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Exploring the Cervical Cancer Screening Experiences of Black Lesbian, Bisexual, and Queer Women: The Role of Patient-Provider Communication.
Women Health. 2015; 55(6):717-36.WH

Abstract

Few studies have focused on the health and health care of U.S. black lesbian, bisexual, and queer (LBQ) women. To understand the facilitators of and barriers to cervical cancer screening in this population, focus group discussions were conducted in Boston and Cambridge, Massachusetts between November and December 2012. Using purposive sampling methods, the authors enrolled 18 black LBQ women who participated in one of four focus groups. Using thematic analysis, patient-provider communication was identified, which consisted of four sub-themes--health care provider communication style and demeanor; heteronormative provider assumptions; heterosexism, racism, and classism; and provider professional and sociodemographic background--as the most salient theme. Participants reported fears and experiences of multiple forms of discrimination and preferred receiving care from providers who were knowledgeable about same-sex sexual health and shared their life experiences at the intersection of gender, race/ethnicity, and sexual orientation. The cervical cancer screening experiences of black LBQ women would be improved by training all health care providers in same-sex sexual health, offering opportunities for clinicians to learn about the effects of various forms of discrimination on women's health care, and increasing the presence of LBQ women of color in health care settings.

Authors+Show Affiliations

a Department of Social and Behavioral Sciences , Harvard T. H. Chan School of Public Health , Boston , Massachusetts , USA.No affiliation info availableNo affiliation info availableNo affiliation info availableNo affiliation info available

Pub Type(s)

Journal Article
Research Support, Non-U.S. Gov't
Research Support, U.S. Gov't, P.H.S.

Language

eng

PubMed ID

25909663

Citation

Agénor, Madina, et al. "Exploring the Cervical Cancer Screening Experiences of Black Lesbian, Bisexual, and Queer Women: the Role of Patient-Provider Communication." Women & Health, vol. 55, no. 6, 2015, pp. 717-36.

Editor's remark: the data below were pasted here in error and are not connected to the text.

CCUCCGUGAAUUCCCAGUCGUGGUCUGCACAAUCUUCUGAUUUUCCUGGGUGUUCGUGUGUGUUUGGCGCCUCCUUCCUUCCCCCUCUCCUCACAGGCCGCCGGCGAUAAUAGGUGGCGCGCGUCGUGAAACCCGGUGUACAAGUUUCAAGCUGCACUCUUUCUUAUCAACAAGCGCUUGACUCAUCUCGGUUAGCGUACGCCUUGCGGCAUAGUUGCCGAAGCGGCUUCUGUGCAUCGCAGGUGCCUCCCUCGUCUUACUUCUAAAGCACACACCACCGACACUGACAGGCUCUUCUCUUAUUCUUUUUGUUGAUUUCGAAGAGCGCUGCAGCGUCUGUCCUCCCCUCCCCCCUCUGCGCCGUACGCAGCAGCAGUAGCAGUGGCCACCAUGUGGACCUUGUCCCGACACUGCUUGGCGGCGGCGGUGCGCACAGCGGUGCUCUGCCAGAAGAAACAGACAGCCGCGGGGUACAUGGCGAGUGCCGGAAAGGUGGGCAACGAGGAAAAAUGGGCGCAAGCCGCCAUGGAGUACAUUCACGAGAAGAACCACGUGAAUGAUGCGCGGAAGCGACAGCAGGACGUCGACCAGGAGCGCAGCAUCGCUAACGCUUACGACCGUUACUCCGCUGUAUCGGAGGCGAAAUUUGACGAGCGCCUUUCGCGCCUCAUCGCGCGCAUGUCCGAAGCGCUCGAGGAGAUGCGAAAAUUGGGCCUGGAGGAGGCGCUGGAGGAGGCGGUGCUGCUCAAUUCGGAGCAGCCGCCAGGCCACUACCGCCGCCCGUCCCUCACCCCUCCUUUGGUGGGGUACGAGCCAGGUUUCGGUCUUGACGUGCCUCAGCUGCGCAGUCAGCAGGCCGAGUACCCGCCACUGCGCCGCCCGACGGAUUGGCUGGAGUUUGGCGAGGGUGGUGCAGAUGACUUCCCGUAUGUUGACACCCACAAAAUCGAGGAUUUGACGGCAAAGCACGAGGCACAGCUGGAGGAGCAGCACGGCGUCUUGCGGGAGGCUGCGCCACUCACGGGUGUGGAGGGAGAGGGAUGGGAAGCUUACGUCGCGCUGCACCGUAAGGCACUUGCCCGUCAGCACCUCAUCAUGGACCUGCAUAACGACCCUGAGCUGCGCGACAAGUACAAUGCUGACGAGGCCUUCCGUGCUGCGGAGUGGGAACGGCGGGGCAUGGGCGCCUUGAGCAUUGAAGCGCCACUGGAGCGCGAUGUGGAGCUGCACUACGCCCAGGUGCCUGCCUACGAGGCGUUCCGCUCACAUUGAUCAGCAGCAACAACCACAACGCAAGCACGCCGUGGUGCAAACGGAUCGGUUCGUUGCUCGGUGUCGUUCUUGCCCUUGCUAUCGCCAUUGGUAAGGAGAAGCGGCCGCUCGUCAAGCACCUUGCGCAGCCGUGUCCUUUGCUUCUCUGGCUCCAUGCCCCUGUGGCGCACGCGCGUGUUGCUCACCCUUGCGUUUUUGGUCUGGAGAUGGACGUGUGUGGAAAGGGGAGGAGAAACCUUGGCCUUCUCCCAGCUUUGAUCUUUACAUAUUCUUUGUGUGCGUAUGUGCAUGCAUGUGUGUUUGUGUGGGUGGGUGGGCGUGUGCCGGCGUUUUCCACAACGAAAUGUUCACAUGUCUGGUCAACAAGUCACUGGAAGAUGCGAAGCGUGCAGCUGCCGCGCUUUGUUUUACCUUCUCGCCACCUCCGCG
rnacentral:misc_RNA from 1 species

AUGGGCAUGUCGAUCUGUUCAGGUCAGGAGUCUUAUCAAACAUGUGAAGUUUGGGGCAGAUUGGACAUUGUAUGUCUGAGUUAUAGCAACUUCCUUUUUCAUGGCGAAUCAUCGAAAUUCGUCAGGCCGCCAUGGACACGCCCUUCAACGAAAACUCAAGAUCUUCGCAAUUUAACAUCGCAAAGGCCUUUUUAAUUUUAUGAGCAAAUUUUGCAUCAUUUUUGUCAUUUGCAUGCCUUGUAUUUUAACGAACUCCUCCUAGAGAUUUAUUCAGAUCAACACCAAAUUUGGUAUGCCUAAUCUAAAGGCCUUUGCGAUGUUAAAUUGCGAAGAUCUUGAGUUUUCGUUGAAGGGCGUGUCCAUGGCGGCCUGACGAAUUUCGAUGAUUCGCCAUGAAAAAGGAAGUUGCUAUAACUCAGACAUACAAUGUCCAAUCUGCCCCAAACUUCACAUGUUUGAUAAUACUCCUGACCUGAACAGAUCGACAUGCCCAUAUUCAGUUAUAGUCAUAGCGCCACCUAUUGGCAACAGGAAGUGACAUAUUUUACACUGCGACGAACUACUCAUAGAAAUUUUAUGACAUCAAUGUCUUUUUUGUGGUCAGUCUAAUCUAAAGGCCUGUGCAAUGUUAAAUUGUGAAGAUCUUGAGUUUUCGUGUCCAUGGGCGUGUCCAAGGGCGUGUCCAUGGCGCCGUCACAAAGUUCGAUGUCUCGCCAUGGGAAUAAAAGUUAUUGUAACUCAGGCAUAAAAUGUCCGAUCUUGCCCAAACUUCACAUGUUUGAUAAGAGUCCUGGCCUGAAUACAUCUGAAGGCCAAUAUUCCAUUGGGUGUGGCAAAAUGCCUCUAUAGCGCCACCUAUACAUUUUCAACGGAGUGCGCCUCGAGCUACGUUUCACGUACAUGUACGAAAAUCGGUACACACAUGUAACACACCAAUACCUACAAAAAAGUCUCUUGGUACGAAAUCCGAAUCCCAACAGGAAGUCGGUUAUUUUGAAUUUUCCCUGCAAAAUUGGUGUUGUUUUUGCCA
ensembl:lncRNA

Agénor M, Bailey Z, Krieger N, et al. Exploring the Cervical Cancer Screening Experiences of Black Lesbian, Bisexual, and Queer Women: The Role of Patient-Provider Communication. Women Health. 2015;55(6):717-36.
Agénor, M., Bailey, Z., Krieger, N., Austin, S. B., & Gottlieb, B. R. (2015). Exploring the Cervical Cancer Screening Experiences of Black Lesbian, Bisexual, and Queer Women: The Role of Patient-Provider Communication. Women & Health, 55(6), 717-36. https://doi.org/10.1080/03630242.2015.1039182
Agénor M, et al. Exploring the Cervical Cancer Screening Experiences of Black Lesbian, Bisexual, and Queer Women: the Role of Patient-Provider Communication. Women Health. 2015;55(6):717-36. PubMed PMID: 25909663.
* Article titles in AMA citation format should be in sentence-case
TY - JOUR T1 - Exploring the Cervical Cancer Screening Experiences of Black Lesbian, Bisexual, and Queer Women: The Role of Patient-Provider Communication. AU - Agénor,Madina, AU - Bailey,Zinzi, AU - Krieger,Nancy, AU - Austin,S Bryn, AU - Gottlieb,Barbara R, Y1 - 2015/04/24/ PY - 2015/4/25/entrez PY - 2015/4/25/pubmed PY - 2016/1/14/medline KW - bisexual KW - cervical cancer screening KW - discrimination KW - lesbian KW - race KW - racism KW - sexual orientation SP - 717 EP - 36 JF - Women & health JO - Women Health VL - 55 IS - 6 N2 - Few studies have focused on the health and health care of U.S. black lesbian, bisexual, and queer (LBQ) women. To understand the facilitators of and barriers to cervical cancer screening in this population, focus group discussions were conducted in Boston and Cambridge, Massachusetts between November and December 2012. Using purposive sampling methods, the authors enrolled 18 black LBQ women who participated in one of four focus groups. Using thematic analysis, patient-provider communication was identified, which consisted of four sub-themes--health care provider communication style and demeanor; heteronormative provider assumptions; heterosexism, racism, and classism; and provider professional and sociodemographic background--as the most salient theme. Participants reported fears and experiences of multiple forms of discrimination and preferred receiving care from providers who were knowledgeable about same-sex sexual health and shared their life experiences at the intersection of gender, race/ethnicity, and sexual orientation. The cervical cancer screening experiences of black LBQ women would be improved by training all health care providers in same-sex sexual health, offering opportunities for clinicians to learn about the effects of various forms of discrimination on women's health care, and increasing the presence of LBQ women of color in health care settings. SN - 1541-0331 UR - https://www.unboundmedicine.com/medline/citation/25909663/Exploring_the_Cervical_Cancer_Screening_Experiences_of_Black_Lesbian_Bisexual_and_Queer_Women:_The_Role_of_Patient_Provider_Communication_ L2 - http://www.tandfonline.com/doi/full/10.1080/03630242.2015.1039182 DB - PRIME DP - Unbound Medicine ER -